With the exception of knowing the “TLAs” (Three Letter Acronyms) related to the locations to which one is traveling, I think I disagree. Readers of this site vary in their travel knowledge. By using travel-related acronyms it slows down the process of comprehending what the writer is trying to say. The hallmark of good writing is communicating well so that one can be easily understood. Most acronyms (obvious exceptions: FBI, IRS, JFK, etc.) just serve to slow down the reader by adding the process of leaving the text, going elsewhere to determine the meaning, and then returning to the original text. (And yes, I had to look up “BRB” and “YMMV”.)

  • Grant Ritchie

    Couldn’t agree more, Lonnie. We get the most impossible requests for assistance, “I was flying from FAQ to LOL with a layover in SOB, when weather forced a detour to CYA and rerouting to OMG. IMO that’s a POS so thanks, but no THX. Can you help me get a refund?” Uhhh… what? :-)

  • LonnieC

    Love it!

  • Noah Kimmel

    the goal is a speedy turn. Adding a requirement would only annoy people and introduce a greater divide between “elites” and “others” making the rush to board even worse and increasing the work of flight attendants (who would tell you they aren’t paid until the door closes anyway). It’s one of those things that sadly, shouldn’t have to be said, but poor customer behavior makes it seem like a good idea.

  • Travelnut

    And as I’ve said before, people don’t take kindly to being dictated to. On the bright side, this has been a very interesting discussion on the origin of the airline codes. The more you know!

  • Travelnut

    With all due respect, if one is to use the internet thingie, the acronyms are a fact of life on the interwebz and it can only help to learn the common ones. YMMV, I will admit I’ve only seen used on a couple of sites. Your Mileage May Vary, meaning you could have a different opinion than me. It’s very useful!

  • Travelnut

    Another great acronym, that I had to look up but when I did I saw its infinite wisdom: LMGTFY.

  • Grant Ritchie

    Oh that’s perfect… especially since I had to do a search to find out what it meant. Thanks for the morning smile. :-)

  • Travelnut


  • Bryce Leinan

    Here’s one of the things with acronyms: you most definitely want to know the letters of the airport you are going to and any airports nearby. Why? As an example, one time I was flying from Reno (RNO) to Las Vegas (LAS) – only one slight problem: my bags were bound for Los Angeles (LAX). Had I not known that LAX was not the code for Las Vegas, I would still be hunting for my bags to this day. Even the customer service staffer behind the counter didn’t catch that she grabbed the wrong tag for my bag because the codes were so similar.

    The other thing is to know the acronyms of the different airlines, especially if you’re on a codeshare. While you probably won’t see codeshares too often on Southwest (WN), you will with airlines like American (AA) and United (UA), who may fly on regional planes with different codes, or even through a different airline (Alaska makes connections with American going into LAX out of Reno as an example, and their gates are on opposite sides of the concourse.) I’ve also wondered why some of the airline designators are goofy (WN for Southwest being an example) – if you used SW for Southwest, I can see where they could be confused for SkyWest Airlines (SK).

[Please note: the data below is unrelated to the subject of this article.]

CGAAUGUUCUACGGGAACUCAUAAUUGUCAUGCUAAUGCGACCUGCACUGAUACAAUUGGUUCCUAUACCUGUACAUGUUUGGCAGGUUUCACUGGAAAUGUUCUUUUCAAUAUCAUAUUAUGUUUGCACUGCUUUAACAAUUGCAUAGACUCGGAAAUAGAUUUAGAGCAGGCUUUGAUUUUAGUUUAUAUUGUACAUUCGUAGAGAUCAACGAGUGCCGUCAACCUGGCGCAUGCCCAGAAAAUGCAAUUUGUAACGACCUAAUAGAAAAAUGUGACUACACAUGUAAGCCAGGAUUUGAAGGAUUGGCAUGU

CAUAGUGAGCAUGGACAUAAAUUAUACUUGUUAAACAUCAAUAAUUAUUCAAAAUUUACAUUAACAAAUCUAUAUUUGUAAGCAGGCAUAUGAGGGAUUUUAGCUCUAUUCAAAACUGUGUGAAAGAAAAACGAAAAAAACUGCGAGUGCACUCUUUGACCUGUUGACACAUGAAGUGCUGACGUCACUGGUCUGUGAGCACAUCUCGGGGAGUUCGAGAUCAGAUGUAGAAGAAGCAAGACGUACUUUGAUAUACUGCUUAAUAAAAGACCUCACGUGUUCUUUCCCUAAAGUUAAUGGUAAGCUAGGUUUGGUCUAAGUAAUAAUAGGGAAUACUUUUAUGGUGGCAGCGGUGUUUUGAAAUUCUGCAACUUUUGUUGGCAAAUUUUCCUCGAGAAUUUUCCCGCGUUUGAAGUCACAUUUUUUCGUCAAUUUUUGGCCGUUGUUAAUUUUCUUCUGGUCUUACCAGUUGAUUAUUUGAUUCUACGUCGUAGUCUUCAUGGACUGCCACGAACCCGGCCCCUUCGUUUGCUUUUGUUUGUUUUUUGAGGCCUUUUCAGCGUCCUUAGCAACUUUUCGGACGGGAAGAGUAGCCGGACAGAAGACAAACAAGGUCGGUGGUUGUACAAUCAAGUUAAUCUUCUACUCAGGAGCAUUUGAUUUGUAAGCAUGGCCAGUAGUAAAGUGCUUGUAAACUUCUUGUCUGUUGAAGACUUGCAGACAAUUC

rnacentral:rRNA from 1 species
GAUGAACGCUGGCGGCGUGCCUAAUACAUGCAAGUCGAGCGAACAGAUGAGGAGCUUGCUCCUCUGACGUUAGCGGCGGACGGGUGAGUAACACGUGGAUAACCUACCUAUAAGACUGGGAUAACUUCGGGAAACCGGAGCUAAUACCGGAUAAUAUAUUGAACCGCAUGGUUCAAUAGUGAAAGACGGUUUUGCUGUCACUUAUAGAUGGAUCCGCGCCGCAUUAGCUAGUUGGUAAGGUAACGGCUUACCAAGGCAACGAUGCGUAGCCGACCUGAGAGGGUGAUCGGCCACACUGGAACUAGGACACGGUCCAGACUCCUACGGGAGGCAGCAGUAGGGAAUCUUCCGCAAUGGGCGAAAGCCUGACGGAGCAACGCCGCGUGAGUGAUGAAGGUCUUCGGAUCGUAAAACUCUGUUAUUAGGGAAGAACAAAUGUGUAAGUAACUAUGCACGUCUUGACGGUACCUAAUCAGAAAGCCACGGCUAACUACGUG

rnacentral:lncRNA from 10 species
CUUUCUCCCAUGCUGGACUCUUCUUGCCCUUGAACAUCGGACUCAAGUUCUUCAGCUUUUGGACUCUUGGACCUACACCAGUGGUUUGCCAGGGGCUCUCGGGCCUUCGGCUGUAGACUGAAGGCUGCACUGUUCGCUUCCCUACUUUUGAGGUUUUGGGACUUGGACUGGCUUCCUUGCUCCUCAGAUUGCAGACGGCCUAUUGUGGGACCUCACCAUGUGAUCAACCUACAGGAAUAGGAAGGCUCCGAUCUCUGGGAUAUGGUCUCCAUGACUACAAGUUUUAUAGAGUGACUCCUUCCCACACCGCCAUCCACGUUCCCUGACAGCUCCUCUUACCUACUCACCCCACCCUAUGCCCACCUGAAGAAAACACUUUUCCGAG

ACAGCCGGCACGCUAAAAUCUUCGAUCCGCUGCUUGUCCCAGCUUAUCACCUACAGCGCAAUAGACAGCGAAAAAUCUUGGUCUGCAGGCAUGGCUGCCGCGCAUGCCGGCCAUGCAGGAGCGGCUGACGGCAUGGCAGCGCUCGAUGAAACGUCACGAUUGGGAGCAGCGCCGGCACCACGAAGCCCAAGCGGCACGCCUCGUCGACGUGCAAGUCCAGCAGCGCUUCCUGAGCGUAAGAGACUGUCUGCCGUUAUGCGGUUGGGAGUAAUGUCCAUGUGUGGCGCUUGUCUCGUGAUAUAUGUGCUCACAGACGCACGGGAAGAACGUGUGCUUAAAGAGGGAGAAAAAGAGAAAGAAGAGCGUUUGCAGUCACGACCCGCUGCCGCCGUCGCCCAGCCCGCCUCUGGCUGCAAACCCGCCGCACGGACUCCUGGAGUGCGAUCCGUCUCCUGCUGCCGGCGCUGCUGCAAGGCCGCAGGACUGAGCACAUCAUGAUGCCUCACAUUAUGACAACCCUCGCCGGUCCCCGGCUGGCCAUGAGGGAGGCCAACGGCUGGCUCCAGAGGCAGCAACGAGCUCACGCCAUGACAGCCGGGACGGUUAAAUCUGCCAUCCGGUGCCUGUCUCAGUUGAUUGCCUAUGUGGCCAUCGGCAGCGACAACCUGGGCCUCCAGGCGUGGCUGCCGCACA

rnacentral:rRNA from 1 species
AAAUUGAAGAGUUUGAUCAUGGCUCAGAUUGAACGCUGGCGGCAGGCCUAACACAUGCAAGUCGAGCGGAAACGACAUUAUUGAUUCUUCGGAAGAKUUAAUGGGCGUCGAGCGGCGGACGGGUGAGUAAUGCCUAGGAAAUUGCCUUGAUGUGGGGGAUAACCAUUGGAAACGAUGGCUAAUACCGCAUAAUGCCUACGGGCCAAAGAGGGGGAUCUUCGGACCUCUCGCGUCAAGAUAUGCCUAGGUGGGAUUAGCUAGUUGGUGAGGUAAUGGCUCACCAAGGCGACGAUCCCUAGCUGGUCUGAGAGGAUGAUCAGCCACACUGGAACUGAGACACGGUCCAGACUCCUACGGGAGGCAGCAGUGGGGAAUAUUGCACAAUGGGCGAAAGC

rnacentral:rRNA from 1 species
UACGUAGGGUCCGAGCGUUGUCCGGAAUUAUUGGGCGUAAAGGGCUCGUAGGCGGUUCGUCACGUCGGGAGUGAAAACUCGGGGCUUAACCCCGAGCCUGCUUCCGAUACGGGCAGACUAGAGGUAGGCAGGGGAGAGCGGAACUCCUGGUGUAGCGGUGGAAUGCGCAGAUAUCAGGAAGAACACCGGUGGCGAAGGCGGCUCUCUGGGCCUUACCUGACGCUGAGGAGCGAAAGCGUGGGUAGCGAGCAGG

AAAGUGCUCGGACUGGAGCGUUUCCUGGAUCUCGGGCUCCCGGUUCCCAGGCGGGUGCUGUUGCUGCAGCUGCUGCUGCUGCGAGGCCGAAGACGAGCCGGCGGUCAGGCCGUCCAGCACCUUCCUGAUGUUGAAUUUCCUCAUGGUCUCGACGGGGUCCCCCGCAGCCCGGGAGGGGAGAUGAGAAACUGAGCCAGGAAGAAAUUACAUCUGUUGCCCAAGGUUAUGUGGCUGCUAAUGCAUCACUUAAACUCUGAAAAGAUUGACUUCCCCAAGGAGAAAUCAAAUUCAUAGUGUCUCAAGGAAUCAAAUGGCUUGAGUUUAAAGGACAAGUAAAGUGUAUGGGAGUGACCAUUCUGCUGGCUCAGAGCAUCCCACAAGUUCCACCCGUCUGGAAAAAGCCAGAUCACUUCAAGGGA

• LonnieC

    Generally, I agree. However, here we are writing to an audience of folks with varying degrees of online experience. I am an attorney, and have lots of legal and Latin terms I can – and do – use when writing legal documents to other legal staff. However, when I write or speak to a more general audience I greatly limit the “vernacular”. It simply makes it easier for them to understand, and to focus on what I’m saying or writing, rather than going back and forth to a source for translation. That’s all I was driving at. ?

  • KarlaKatz

    BE, yet, Altosk. BTW, TY… RFLMAO

  • KarlaKatz


  • KarlaKatz

    OMG, that’s great!

  • stephen_nyc

    I’m glad I wasn’t holding my coffee cup reading your response. :-)

  • stephen_nyc

    Good point. Here’s a family story:
    Years ago when my brother was still a New York City Transit Police Officer [before they merged with NYPD], he was telling the rest of us a story and used the TLA of “EDP.” Now, as I am a computer person, to me it meant Electronic Data Processing. I sat there trying to guess from the context of the story what it meant to a police officer (again, way back, before the CSI’s and such where we all learned about BOLOs & LEOs and other things). Finally, I had to interrupt him and ask about it. Emotionally Disturbed Person.

  • LonnieC

    And some might say that only EDPs do EDP…. (Sorry about that – couldn’t help myself.) ?